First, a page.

Proper Saw for flooring?

I am planning on putting in some laminate flooring very soon and also needed something to do some cuts for building some shelving. I am planning on putting in the DuPont laminate flooring.
I am just starting to build my collection of power tools (YEAH!). So I thought I would ask the experts their opinion as to whether or not I made the right decision.
I bought a Ridged 10" Compound Miter saw.
The decision for this is that for one the guy at HD said that the 10" Miter would be enough to cut the flooring. Second, I am doing 45 degree cuts and was looking for some accuracy. I thought about a table saw, but felt that I would get better cuts with the miter. Am I correct in this thought?
I have a feeling the Miter may not be enough for the flooring, am I right? Is there an "All-In-One" tool that would be better for the flooring, or was I right in purchasing the miter, but I will also have to purchase something else?
Thanks!
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snipped-for-privacy@gmail.com wrote on 22 Oct 2007 in group rec.woodworking:

Your miter saw will do fine. I have the 12" Ridged saw, and it has done a good job for me. You might need to get a different blade. The one that came with my saw is great for soft wood like pine, but splinters hard wood and plywood. I bought a 100-tooth side-bevel blade that works great with harder woods and trim. Ask for advice at a real woodworking or lumber place.
Table saws are not that great for cutting angles. You can do it, but it takes practice and a good miter.

You'll probably need a sabresaw to get parts to fit around corners of door jambs. I like my Bosch. I also have a Ryobi, but it's no good. My best tip for sabresaws is to cut slowly. Going to fast will either break the blade or cause it to cut at an angle.
--
Steve B.
New Life Home Improvement
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Mon, Oct 22, 2007, 8:16pm (EDT+4) snipped-for-privacy@gmail.com (FrozenNorth) pointed his maroon spray paint wrong, sprayed himself in the face, then said: Depends upon your flooring, I also own a Rigid 10" Miter Saw, just put down a laminate floor this weekend, the 10" would not cut it at 90 degrees, never mind at 45, <snip>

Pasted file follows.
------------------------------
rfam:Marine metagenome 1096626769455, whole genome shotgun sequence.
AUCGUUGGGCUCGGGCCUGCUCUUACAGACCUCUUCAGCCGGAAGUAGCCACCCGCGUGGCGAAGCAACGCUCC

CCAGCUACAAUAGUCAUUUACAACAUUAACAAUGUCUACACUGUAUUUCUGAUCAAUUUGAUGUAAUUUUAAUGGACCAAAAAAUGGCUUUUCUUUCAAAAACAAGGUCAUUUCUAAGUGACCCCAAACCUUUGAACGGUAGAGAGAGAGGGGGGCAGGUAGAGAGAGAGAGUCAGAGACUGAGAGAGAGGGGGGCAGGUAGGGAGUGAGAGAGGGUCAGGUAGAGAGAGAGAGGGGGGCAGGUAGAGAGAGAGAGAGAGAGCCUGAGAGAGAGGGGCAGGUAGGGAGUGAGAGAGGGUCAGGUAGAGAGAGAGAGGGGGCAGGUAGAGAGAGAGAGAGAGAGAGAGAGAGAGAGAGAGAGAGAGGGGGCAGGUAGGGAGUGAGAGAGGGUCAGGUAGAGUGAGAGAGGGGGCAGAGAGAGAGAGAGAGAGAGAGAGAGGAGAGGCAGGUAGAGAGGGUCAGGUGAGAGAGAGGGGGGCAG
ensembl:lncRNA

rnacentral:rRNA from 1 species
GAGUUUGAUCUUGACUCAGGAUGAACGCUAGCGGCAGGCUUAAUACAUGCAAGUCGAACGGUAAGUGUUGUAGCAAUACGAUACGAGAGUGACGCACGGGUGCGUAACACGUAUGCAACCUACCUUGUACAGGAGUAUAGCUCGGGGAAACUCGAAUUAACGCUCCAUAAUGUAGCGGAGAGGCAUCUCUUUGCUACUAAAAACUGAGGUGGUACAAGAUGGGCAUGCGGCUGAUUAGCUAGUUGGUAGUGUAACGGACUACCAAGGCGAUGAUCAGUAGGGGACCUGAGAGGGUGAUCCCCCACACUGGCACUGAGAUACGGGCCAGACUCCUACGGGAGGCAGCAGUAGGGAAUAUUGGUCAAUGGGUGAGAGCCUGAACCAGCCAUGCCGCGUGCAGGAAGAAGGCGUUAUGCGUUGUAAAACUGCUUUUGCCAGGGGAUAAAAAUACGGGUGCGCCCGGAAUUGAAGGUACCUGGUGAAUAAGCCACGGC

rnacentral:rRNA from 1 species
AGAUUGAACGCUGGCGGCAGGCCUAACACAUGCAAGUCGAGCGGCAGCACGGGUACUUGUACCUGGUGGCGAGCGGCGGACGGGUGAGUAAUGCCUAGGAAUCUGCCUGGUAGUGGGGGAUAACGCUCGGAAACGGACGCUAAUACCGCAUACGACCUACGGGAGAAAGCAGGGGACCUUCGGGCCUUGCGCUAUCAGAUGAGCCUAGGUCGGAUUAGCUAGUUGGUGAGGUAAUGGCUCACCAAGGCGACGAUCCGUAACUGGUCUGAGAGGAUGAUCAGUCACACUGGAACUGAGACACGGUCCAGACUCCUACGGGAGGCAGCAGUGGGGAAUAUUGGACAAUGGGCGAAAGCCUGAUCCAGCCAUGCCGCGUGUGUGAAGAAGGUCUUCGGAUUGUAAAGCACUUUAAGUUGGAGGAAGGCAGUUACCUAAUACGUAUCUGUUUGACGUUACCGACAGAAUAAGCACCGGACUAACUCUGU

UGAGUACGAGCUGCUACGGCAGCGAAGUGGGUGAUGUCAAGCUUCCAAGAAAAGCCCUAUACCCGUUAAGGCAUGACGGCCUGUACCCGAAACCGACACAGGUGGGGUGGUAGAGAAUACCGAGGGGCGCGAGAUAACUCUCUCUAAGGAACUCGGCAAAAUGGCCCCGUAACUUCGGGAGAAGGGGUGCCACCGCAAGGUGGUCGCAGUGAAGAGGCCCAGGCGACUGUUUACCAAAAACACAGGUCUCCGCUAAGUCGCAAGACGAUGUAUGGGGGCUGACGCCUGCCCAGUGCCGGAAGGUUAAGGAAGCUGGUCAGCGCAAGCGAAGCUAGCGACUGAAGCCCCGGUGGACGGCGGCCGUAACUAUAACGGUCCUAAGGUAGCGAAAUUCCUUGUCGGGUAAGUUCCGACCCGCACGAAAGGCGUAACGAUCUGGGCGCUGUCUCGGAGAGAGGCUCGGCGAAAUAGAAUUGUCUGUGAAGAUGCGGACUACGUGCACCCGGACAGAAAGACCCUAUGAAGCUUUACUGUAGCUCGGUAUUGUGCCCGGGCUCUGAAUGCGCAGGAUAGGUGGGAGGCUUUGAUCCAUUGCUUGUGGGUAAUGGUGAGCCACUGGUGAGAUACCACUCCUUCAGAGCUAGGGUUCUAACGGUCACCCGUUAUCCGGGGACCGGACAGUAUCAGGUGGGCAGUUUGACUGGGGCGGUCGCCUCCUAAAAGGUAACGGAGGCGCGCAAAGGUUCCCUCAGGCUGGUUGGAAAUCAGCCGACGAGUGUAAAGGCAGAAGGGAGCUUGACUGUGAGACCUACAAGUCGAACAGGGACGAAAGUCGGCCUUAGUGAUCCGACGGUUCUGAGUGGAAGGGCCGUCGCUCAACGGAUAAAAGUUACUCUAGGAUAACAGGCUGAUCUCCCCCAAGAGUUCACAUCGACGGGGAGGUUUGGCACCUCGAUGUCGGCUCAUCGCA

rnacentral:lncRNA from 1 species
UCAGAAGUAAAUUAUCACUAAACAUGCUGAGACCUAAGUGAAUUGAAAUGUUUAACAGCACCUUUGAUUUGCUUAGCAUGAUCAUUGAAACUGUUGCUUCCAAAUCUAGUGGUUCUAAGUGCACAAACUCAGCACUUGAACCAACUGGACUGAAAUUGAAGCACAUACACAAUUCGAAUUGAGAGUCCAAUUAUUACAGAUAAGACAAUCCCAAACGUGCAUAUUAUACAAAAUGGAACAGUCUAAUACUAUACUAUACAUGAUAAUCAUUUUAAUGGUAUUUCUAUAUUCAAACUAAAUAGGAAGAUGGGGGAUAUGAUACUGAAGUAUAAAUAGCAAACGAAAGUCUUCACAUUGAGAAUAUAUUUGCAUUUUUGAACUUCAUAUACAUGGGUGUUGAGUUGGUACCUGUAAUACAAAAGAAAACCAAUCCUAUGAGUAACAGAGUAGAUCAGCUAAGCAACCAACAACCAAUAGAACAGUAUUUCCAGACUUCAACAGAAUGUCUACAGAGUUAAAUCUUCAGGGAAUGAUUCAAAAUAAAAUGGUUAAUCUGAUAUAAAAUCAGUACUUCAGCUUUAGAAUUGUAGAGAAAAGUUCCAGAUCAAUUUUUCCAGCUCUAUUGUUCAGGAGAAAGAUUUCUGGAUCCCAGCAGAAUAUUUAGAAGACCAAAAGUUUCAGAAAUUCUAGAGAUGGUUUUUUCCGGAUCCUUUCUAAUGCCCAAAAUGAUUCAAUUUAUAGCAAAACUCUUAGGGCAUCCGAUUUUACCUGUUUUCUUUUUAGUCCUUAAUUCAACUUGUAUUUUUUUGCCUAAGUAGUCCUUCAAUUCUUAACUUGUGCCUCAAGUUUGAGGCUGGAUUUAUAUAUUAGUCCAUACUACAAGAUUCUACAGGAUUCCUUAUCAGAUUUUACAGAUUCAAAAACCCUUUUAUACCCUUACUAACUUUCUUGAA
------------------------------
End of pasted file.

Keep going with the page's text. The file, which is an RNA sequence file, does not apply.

Hehehe I got a new, $70, Harbor Freight 10" miter saw awhile back. Some think they're low quality; however, it zips thru oak flooring, any angle, no sweat. You got a carbide tip blade in your saw? My saw came with one.
JOAT "I'm an Igor, thur. We don't athk quethtionth." "Really? Why not?" "I don't know, thur. I didn't athk."
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(FrozenNorth)

When I cut my 8" flooring I would pull down on the chop saw (cut a little more than 7 inches) and when it bottomed out I would lift up on the board. Perfect cuts. I will admit that this was snap together laminates and that all the cuts ended up against walls where they will be covered by baseboards.
Ivan Vegvary
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Mon, Oct 22, 2007, 9:29pm (EDT+4) snipped-for-privacy@gmail.com (FrozenNorth) doth sayeth: Carbide tip, problem was the boards were 8" wide, my 10" Ridgid CMS won't cut that wide.
--
My saw does. Now. Heh heh. At 90 degrees that is. Dunno what
it'll cut at 45. I made a "bed", that raises the work up, and now it